Kerman University of Medical Sciences

Document Type: Original Article(s)

Authors

1 PhD Candidate, Department of Epidemiology, School of Public Health, Shahid Beheshti ‎University of Medical Sciences, Tehran, Iran

2 Assistant Professor, Global Health Sciences, University of California, San Francisco, CA, USA ‎AND Regional Knowledge Hub and WHO Collaborating Centre for HIV Surveillance, Institute ‎for Futures Studies in Health, Kerman University of Medical Sciences, Kerman, Iran

3 Psychiatrist, Iranian National Center for Addiction Studies (INCAS), Iranian Institute for ‎Reduction of High-Risk Behaviors AND School of Advanced Technologies in Medicine, Tehran ‎University of Medical Sciences, Tehran, Iran‎

4 Professor, Department of Epidemiology, School of Public Health, Shahid Beheshti University of ‎Medical Sciences, Tehran, Iran

5 Associate Professor, Mental Health Research Center AND Department of Community ‎Psychiatry, School of Behavioral Sciences and Mental Health, Tehran Institute of Psychiatry, ‎Iran University of Medical Sciences, Tehran, Iran

6 Assistant Professor, Global Fund to Fight AIDS, Tuberculosis and Malaria, Geneva, Switzerland

7 Assistant Professor, Regional Knowledge Hub and WHO Collaborating Centre for HIV ‎Surveillance, Institute for Futures Studies in Health, Kerman University of Medical Sciences, ‎Kerman, Iran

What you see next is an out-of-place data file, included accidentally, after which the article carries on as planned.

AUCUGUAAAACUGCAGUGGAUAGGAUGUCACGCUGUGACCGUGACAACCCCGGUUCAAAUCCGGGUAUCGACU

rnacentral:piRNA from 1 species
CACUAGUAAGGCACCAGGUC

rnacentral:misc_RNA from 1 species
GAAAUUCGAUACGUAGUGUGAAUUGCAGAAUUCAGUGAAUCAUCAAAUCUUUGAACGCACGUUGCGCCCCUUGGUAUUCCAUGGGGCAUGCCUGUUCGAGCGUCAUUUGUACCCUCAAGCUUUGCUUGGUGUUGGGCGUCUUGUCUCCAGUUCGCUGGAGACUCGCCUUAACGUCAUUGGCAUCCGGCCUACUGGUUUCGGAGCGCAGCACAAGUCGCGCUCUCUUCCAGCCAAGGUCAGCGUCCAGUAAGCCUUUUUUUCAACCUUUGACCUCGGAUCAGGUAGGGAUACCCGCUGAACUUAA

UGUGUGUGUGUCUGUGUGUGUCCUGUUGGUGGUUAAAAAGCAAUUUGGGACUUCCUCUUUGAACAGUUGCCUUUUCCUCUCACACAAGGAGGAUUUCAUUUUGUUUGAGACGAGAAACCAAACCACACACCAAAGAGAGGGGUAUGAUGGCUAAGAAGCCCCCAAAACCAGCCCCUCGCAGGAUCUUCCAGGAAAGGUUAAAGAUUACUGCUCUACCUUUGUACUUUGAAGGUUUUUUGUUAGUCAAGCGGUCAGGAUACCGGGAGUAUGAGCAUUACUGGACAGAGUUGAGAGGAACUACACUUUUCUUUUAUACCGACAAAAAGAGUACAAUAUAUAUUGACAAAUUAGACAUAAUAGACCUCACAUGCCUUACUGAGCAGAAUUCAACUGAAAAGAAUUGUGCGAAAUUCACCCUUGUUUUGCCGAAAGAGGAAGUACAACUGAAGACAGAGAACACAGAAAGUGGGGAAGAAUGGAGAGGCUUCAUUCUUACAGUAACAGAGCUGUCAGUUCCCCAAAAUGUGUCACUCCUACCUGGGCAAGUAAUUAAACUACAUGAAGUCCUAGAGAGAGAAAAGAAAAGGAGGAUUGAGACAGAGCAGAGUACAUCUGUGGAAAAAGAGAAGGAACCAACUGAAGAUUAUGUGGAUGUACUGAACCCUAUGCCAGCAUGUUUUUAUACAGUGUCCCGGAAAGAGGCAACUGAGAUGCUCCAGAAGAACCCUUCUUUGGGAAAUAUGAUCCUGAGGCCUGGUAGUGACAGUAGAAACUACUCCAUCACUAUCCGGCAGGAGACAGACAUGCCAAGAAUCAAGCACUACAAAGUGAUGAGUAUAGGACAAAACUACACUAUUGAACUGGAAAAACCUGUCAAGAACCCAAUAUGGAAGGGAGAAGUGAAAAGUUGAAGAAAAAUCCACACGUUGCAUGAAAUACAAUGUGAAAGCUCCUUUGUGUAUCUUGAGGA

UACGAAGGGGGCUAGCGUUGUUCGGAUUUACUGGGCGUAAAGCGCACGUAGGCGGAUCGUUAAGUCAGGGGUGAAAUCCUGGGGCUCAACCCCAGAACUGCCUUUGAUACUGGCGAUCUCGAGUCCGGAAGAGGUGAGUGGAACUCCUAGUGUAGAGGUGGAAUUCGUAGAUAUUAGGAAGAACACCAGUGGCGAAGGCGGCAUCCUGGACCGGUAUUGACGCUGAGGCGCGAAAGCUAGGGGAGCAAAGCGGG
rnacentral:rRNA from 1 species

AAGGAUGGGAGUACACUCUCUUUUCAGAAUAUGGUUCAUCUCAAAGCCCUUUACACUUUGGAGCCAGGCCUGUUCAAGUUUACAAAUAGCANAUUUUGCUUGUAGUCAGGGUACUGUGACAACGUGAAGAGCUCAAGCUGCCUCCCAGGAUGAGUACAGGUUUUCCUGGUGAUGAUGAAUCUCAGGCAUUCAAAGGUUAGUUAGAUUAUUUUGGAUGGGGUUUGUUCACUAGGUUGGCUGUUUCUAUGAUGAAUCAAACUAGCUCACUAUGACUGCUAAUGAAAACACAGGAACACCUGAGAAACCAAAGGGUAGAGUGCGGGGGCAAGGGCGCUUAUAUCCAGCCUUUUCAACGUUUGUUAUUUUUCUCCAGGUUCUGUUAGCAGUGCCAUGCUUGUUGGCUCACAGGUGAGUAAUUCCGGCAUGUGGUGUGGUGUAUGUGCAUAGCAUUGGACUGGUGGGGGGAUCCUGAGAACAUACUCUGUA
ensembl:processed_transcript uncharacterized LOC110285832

8 Senior Fellow, National Drug Research Institute, Faculty of Health Sciences, Curtin University, ‎Melbourne, Australia

9 Professor, Safety Promotion and Injury Prevention Research Center AND Department of ‎Epidemiology, School of Public Health, Shahid Beheshti University of Medical Sciences, Tehran, ‎Iran

Abstract

Background: Needle-syringe programs (NSP) have been running in Iran since 2002. However, the coverage of such program among the NSP clients at the individual level was not studies yet. This study aimed to determine the client coverage of NSP and its correlation with high injection-related risk behaviors. Methods: A cross-sectional survey was conducted in Kermanshah province, Iran, in 2014. 230 people who inject drugs (PWID) recruited from two drop-in centers (DICs) from April to September 2014, participated in a face-to-face interview to provide information related individual coverage of NSP, demographic characteristics, and injecting behaviors 30 days prior to the interview. Findings: Overall, the average of syringe coverage was 158% [95% confidence interval (CI) = 65.7-205.5], while 56% (95% CI = 40-97) have individual converge less than 100%. Needle/syringe sharing was significantly higher among individual with low NSP coverage [adjusted odds ratio (AOR) = 2.6, 95% CI = 1.3-6.2]. About 85% participants with coverage of less than 100% reported reuse of syringe within the last 30 days (AOR = 3.2, 95% CI = 1.4-7.7). Conclusion: PWID are different regarding their NSP individual-level converges. There are certain clusters of PWID, who do not receive sufficient number of syringes. Given that insufficient individual syringe coverage level is highly associated with injection risk behaviors, reasons for such low converge need to be assessed and addressed carefully.

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